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PeTA vs. Angling

PeTA is hosting a little video on the cruel sport of fishing. Their QuickTime link doesn't work, but you can view the source and grab the rtsp://….mov link.

The usual bad filmmaking typical of PeTA videos applies here. When talking about fish lying on the bottom after being released by an angler, they show pictures of eels and flounder - fish that live on the bottom. They talk with only one "expert" and only one "reformed" angler. The shots they show of anglers handling fish are of some of the most inept anglers I've seen, and certainly the exception instead of the rule.

PeTA usually has some points, or at least things to think about. The problem with PeTA is that they take a shaky foundation and attempt to extend it to illogical and extreme ends. They find inept people committing the grossest of errors and capitalize on that to sensationalize an issue. PeTA leaves out facts that counter their arguments instead of discussing them. To PeTA, there is no such thing as a "conscientious angler," yet almost every angler I've met is one.

PeTA's entire foundation is based on the motto "Fish Feel Pain" (FFP). They illustrate this by showing diagrams of the lateral line (a thick bundle of nerve endings on each side of the fish, in a line the length of their body). PeTA preys on the ignorance of the public by failing to mention that there are different kinds of nerve endings. Nociceptors, or pain receptors, are largely absent on fish. Fish are very sensitive to some types of stimulus - they can tell the difference between a degree of temperature, a small change in salinity, etc. Nociceptors, however, are few and far between, and even fewer exist in the mouth area. The mouth has lots of pressure receptors and some taste receptors. Fish feel some pain, but showing me diagrams of a lateral line (which fish use to detect motion in the water, such as an oncoming predator, a struggling fish, or the movement of their school) is simply misleading and untruthful.

From the FFP foundation they build up an argument against angling while showing images of people struggling to unhook fish, grasping fish with towels, and littering. They talk of barbed hooks and the pain they cause. They talk of gut-hooked fish. They show images of fish floating around, dead. They show people decapitating an eel and putting it in a bag, of fisherman throwing catches into "live nets" (they had a different term for them), and so on. "Those poor fish" we're led to think.

I do none of these things. I crush the barbs on my hooks. I release fish quickly. Unhooking a fish is as simple as sliding the hook out - a fish is brought to the fisherman by maintaining a taut line and slides off the hook easily. I use wet hands if I even have to use my hands at all. I don't litter. I don't use a net in catch-and-release fishing. I sometimes kill fish… but more on that later.

Real anglers are conscientious anglers. Gut hooking fish has alwyas been a big concern and has led to new science (circle hooks) and new tactics to avoid the gut hook. I've been fishing on and off my entire life. I've caught thousands of fish. Exactly three have been gut hooked, and all were fish I had intended to keep anyway (a brown trout, a rainbow trout, and a walleye). Anglers are concerned, too, and the results are speaking for themselves.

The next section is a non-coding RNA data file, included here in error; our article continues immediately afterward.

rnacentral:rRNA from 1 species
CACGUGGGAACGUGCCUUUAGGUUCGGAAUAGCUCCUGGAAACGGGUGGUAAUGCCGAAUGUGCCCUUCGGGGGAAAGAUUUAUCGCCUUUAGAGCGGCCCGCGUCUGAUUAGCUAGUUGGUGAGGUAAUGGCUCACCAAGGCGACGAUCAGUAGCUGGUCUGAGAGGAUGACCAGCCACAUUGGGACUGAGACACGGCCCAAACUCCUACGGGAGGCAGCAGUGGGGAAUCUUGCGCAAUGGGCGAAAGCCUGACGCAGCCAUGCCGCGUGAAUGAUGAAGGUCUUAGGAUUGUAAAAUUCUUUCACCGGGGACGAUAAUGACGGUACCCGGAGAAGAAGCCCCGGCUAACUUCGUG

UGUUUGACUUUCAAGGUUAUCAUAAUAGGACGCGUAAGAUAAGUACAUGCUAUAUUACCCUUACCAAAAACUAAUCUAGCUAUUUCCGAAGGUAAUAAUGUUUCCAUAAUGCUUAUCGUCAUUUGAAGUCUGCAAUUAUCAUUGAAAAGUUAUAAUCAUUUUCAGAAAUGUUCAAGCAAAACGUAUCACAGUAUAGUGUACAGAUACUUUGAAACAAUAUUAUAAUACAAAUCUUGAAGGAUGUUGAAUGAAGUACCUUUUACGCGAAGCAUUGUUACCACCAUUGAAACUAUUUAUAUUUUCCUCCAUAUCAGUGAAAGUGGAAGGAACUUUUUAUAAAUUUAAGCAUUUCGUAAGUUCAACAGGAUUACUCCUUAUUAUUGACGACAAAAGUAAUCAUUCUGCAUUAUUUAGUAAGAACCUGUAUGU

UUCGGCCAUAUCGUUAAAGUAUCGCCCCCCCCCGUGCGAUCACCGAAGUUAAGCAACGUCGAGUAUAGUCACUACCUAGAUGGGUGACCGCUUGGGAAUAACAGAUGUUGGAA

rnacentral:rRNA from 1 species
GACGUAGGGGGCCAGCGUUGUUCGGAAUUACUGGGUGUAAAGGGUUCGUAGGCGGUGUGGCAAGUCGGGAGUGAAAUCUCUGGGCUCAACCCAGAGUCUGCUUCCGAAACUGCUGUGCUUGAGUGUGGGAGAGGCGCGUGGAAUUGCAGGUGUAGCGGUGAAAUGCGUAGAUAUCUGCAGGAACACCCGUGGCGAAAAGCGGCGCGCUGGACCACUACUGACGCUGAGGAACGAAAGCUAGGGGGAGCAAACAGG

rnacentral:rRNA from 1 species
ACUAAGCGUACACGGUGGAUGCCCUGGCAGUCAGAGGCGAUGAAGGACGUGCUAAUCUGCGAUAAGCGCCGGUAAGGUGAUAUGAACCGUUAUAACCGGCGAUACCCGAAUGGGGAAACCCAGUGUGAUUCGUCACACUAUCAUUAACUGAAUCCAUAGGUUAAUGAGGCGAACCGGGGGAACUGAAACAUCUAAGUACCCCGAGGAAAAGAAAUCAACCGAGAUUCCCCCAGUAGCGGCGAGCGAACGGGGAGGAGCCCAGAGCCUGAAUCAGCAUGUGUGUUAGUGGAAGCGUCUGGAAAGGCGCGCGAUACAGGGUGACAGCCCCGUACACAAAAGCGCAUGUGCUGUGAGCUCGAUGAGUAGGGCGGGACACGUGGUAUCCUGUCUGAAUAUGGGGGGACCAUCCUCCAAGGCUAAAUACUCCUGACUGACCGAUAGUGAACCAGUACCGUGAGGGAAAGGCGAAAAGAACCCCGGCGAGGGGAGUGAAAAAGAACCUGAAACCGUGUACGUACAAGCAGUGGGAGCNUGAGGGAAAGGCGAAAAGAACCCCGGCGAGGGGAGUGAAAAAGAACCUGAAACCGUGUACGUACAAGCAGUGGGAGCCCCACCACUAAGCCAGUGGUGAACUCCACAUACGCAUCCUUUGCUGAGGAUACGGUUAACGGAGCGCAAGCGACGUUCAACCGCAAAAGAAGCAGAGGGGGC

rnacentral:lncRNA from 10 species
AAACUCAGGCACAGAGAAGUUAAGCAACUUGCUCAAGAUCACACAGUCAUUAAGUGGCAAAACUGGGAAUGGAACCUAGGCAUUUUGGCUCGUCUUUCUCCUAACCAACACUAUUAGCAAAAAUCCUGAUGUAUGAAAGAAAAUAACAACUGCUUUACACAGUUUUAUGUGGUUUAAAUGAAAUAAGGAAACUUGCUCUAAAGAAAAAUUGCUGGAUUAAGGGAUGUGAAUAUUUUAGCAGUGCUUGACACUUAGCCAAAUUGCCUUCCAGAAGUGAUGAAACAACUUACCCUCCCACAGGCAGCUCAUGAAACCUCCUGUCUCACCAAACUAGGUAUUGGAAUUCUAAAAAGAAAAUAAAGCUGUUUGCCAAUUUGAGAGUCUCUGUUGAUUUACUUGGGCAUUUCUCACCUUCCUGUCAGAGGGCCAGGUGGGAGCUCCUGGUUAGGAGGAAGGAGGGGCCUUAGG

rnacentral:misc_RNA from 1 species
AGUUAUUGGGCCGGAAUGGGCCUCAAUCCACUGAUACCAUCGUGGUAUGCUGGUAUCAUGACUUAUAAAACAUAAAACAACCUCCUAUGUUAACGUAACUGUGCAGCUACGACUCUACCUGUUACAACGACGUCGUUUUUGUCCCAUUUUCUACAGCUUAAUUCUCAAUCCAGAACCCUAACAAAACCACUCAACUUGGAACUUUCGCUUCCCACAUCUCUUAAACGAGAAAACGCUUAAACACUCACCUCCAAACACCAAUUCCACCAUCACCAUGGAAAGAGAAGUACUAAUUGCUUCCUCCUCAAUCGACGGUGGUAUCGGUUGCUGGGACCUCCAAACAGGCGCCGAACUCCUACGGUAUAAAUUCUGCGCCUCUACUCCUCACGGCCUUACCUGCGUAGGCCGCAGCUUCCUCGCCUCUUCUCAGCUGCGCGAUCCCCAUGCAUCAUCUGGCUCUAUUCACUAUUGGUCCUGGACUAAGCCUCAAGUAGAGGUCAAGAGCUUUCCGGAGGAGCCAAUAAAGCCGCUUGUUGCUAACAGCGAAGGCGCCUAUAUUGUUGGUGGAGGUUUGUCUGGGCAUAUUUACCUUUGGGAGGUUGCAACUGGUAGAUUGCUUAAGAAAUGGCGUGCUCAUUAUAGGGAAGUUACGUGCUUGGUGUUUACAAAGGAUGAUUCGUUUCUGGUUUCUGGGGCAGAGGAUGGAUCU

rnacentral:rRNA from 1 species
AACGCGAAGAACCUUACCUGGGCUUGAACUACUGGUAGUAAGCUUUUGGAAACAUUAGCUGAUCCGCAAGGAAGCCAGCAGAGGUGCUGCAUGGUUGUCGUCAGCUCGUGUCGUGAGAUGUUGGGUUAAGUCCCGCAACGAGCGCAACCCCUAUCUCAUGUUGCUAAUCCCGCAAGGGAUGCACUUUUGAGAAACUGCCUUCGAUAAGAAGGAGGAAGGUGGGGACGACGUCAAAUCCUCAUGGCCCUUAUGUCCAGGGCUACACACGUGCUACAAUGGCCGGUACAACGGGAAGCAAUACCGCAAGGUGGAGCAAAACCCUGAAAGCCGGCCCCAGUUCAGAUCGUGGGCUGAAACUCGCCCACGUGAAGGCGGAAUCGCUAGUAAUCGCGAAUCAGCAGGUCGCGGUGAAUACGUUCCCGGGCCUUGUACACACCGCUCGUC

As with any group, there are going to be a few bad seeds spoiling things for the rest of us. Fortunately for PeTA these people exist or they wouldn't have much footage at all. These people are detested by "actual" anglers as uneducated. They cause more harm than good. "Actual" anglers would rather these uneducated wannabes didn't fish at all, though we work to educate new anglers when possible. We're not charitable, we're selfish: "bad" anglers cause us grief, harm fish populations and the world in which they live, and give the sport a bad name.

For example, PeTA mentions the lines, lures, and hooks that some "anglers" leave behind. They mention other litter as well - bottles, plastic bags, etc. Once, while fishing with my father, a sandwich bag blew overboard our boat as we cruised along at 25 MPH. We turned around and spent 45 minutes looking for the bag. We recovered it and moved on. This doesn't make us special - it makes us typical. Being conscientious is "the norm." Here's a story of another angler rescuing a pelican, and later posts document other acts of preservation and cleanup that we consider "the way it is." Conscientiousness is the norm. Anyone can leave trash behind - boaters, campers, etc. Anglers are often among the most affected by and the most aware of the behaviors of others on or near the water and have become quite active in doing more than their part to clean up or take care of that world.

I've killed fish. I said I'd get back to this point. Just as with any animals I've shot, I've eaten them. People have done this for centuries. There are a number of reasons to hunt or fish and some are mentioned in the comments of my "Dead Deer" entry. PeTA raises some valid points - but the bullet points are not new to anglers. We're aware of them, we've taken measures and practices to counter them, and we're well ahead of PeTA on this one.

It's that simple.

One Response to "PeTA vs. Angling"

  1. Erik I agree with you!